Dena Cabrera, Psy.D., CEDS, co-author, with Emily T. Wierenga, of Mom in the Mirror: body image, beauty, and life after pregnancy joined us for a book interview. What follows are our questions in italics, and Dena’s thoughtful responses.
In mom in the Mirror: body image, beauty, and life after pregnancy, you remark on a troubling situation. Some mothers in their disconnected relationship with food and their bodies also feel disconnected from their children and husbands. Can you please elaborate?
Food, exercise, dieting, body image issues can become all-consuming and these issues distract and alienate them from others, including their children and husbands. In my experience in working with women with disordered eating, body image issues, and weight and shape struggles, I have come to understand that women who have these struggles vacillate between being overcontrolled and undercontrolled and so their ability to eat mindfully and intuitively is disrupted. The constant yo-yo dieting, restriction, bingeing, purging, and/or exercise obsession becomes a way to numb the emotions and avoid, but the cost is that they become disconnected from themselves, as well as from others. Individuals with these struggles can become alexithymic in that they are emotionally and physically cut off from their bodies. Thus, they lose that soul-to-soul connection with others.
It can work both ways in the sense that some women give of themselves and attend to others at the expense of their own self-care. This type of woman may be numb to her emotions and cut off from her body. Other women are so consumed with food, weight and shape, and dieting, that it becomes an obsession. In either situation, they are not living in the present and connecting to themselves and others in a healthy way. Our relationships with others is central to restoring and having well being. Also, when we are truly connected to ourselves and not consumed with outer appearance, we can began to feel and experience what truly is important – the connection of souls.
Your book opens a window to view some of the fears, thoughts, and challenges inside the mind and heart of someone with an eating disorder. Who do you recommend read this book?
This book is geared toward mothers who in the midst of parenting, struggle with weight related issues, such as dieting, restricting, binging, or overeating, as well as body image issues, eating disorders, and self-esteem. I have had fathers tell me that the book has been beneficial to them as it gives insight and understanding into the pressures and struggles that mothers face and experience. Overall, it can be inspiring for women who want to restore a positive body image and to overcome the insecurities that arise when pregnancy is over and child-rearing begins.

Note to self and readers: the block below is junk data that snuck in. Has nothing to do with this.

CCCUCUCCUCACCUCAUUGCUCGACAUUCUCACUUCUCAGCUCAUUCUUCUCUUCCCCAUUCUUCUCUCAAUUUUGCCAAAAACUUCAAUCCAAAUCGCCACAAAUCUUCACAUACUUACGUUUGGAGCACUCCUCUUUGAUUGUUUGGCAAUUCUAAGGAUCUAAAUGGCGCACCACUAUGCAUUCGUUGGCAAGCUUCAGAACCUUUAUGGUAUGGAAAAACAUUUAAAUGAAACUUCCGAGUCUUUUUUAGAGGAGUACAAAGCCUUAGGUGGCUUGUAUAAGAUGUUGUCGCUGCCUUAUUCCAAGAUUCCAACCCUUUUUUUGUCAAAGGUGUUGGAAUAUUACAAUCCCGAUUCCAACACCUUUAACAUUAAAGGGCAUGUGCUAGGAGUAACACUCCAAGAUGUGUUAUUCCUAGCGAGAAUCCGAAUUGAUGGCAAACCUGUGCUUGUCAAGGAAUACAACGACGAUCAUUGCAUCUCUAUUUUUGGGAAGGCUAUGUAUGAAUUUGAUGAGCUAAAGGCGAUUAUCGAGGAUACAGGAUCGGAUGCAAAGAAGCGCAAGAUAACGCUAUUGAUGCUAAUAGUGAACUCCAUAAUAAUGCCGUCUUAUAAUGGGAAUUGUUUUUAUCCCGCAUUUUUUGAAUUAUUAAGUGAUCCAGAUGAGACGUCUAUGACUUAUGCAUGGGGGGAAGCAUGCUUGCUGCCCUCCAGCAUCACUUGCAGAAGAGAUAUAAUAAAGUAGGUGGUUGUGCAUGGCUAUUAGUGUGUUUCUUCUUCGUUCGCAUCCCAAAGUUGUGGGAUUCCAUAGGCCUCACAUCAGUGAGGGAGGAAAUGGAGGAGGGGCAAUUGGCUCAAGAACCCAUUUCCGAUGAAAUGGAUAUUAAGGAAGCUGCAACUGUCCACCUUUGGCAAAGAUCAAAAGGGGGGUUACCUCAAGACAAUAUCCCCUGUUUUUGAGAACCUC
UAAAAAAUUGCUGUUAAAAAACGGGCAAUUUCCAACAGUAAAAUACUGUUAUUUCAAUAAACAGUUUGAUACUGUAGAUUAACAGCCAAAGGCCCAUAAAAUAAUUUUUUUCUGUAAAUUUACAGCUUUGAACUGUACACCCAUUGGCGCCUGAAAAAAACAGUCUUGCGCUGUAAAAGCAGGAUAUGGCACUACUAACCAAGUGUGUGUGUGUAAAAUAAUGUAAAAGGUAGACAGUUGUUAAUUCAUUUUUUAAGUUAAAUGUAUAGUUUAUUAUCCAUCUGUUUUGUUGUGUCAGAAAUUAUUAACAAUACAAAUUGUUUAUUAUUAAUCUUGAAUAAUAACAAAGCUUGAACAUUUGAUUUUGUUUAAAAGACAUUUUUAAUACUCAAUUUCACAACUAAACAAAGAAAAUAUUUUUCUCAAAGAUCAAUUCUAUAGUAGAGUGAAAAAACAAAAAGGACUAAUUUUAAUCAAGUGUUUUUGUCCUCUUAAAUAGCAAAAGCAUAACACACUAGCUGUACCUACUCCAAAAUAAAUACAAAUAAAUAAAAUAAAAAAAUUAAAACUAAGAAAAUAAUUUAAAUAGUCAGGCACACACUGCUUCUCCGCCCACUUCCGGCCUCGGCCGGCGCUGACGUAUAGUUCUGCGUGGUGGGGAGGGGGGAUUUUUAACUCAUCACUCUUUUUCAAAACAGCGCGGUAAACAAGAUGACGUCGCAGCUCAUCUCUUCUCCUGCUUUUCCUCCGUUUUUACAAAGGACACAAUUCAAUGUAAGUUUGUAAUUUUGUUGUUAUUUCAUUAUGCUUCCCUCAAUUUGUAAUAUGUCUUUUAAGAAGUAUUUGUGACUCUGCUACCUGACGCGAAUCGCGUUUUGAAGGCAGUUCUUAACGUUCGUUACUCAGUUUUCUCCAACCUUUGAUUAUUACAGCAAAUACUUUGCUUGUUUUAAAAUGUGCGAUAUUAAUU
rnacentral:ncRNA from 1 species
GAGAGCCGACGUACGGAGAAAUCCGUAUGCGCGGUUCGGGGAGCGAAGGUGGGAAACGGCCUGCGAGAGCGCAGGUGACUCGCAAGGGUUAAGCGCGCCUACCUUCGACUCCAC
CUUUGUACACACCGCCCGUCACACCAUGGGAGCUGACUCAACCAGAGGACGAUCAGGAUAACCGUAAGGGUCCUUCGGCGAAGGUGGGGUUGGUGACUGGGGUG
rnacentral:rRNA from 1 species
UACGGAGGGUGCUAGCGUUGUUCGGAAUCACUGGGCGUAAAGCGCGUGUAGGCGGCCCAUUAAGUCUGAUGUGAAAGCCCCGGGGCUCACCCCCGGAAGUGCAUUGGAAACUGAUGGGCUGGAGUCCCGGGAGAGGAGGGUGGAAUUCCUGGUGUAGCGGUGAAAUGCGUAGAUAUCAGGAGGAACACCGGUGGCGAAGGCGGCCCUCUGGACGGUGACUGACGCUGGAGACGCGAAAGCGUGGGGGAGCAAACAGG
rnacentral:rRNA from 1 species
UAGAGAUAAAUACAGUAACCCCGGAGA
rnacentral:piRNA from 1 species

You introduce the experience of spiritual support for mothers. Can you please offer some suggestions on how one would receive this type of support?
Spirituality or spiritual support is unique and different for everyone. Spiritual support is when a person experiences a connection to a higher power (i.e., God or other spiritual force) that provides them hope, support, guidance, helping, healing, and safety. For many people, a higher power provides individuals with psychological and physical well being. Some researchers have shown that having a spiritual support translates into a strong spirituality-health connection. It can reduce isolation, improve functioning, and provide healing and help. It also gives people a sense of belonging and connection. I have seen this very strongly in the AA community.
An eating disordered mother may have a great deal of anxiety around feeding her children. Can you propose some tools for your readers?
It’s incredibly important to seek the help of a professional to discern between disordered eating thoughts and behaviors and healthy/“normal” eating. It all gets confusing and muddled sometimes. This is especially exacerbated by the confusing messages we hear in our culture about being “healthy.” The definition of healthy can be skewed and narrowly defined. So, you need someone to help you sort out your thoughts and behaviors and how they impact feeding your children.
Model and Inspire a Positive Relationship with Food: Our children are watching, so it’s important to model balance, variety, and moderation in our approach to food. Children will follow our lead.
Ask Others for Support: Delegate the cooking or shopping to your husband or partner until you feel safe and equipped to be involved in this process.